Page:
A federal judge has just struck down a ban on same-sex marriages in Alaska, ruling it unconstitutional. The first ban of its kind became a constitutional amendment in 1998 when voters approved the definition of marriage being between a man and a women. U.S. District Judge Timothy Burgess’s ruling means, for the first time in Alaska, gay couples will have the same rights to marriage as their counterparts.
Sharon Leighow said in an email to the Associated Press, “The State plans on appealing the ruling,” Leighow is a spokeswomen for the Alaska Governor Sean Parnell. Parnell and Attorney General Michael Geraghty said earlier this year, “They would stand firm on the ban even as federal courts were striking down similar same-sex bans across the country.”
In an order released on Sunday by Burgess, “found that by not recognizing other state’s same-sex marriages and Alaska’s own ban was a violation of the constitution under the fourteenth Amendment. The case at the center of this is the Hamby suit, which was filed in May. It represents five gay couples, in which four are already married in states that allow same-sex marriage.
Alaska Falls under the 9th U.S. Circuit Court of Appeals, who, with a three judge panel, recently over turned related gay-marriage bans in Idaho and Nevada. Idaho officials asked for a temporary delay in the ruling shortly after the court made the decision. On Friday that ban was lifted and same-sex couples have been allowed to marry. Couples in Nevada were allowed to marry without delay as the state did not appeal the court’s decision. There is a three-day gap Alaska has between applying for a marriage license and the ceremony, with the state appealing the verdict, it is unclear if couples will be able to apply on Monday morning.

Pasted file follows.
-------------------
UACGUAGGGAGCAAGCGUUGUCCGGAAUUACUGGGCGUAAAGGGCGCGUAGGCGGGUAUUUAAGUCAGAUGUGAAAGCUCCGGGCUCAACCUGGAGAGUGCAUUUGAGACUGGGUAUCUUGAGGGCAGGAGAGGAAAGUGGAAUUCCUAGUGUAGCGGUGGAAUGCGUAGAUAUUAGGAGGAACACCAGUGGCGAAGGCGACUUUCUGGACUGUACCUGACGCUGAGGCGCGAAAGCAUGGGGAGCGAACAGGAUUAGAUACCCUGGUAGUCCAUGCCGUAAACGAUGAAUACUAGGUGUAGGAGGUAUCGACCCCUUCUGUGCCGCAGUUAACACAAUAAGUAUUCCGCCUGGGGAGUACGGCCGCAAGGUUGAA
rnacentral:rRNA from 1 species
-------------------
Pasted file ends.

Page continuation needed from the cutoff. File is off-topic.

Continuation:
With the court’s ruling same-sex marriages legal in 13 states during this month alone, unconstitutional bans may be a thing of the past. To date, 27 states now allow marriage between same-sex partners. “Parnell is only wasting tax payer’s money by appealing the ruling since they do not stand a chance.” said Josh Decker, ACLU Executive Director. With the speed Burgess took to make his decision, two days after hearing oral arguments, “It sends a clear message that the courts are ready to end this discrimination through out the country.”
Courtney Lamb and Stephanie Pearson, the two unmarried plaintiffs in the Hamby case, said on Sunday after hearing word, “We plan on being the first people at the Bureau of Vital Statistics.” Phillip Mitchell, head of the Bureau, believes the office will be quite busy come Monday morning. Other plaintiffs got together on Sunday night to celebrate the news whether in person or via phone call.
The Governor stands by the Alaskan Constitution and “Will defend it.” He said in an email regarding the appeal coming out of his office. Same-sex marriage advocates believe the ban will be nullified after the 9th Circuit ruling earlier this week. With same-sex bans being lifted all over the country by courts ruling it unconstitutional, the future is looking bright for advocates who have fought for so long to bring this course to light.
By Paul Sears
Featured image by Nathan Rupert Flickr
Photo by Alan C Flickr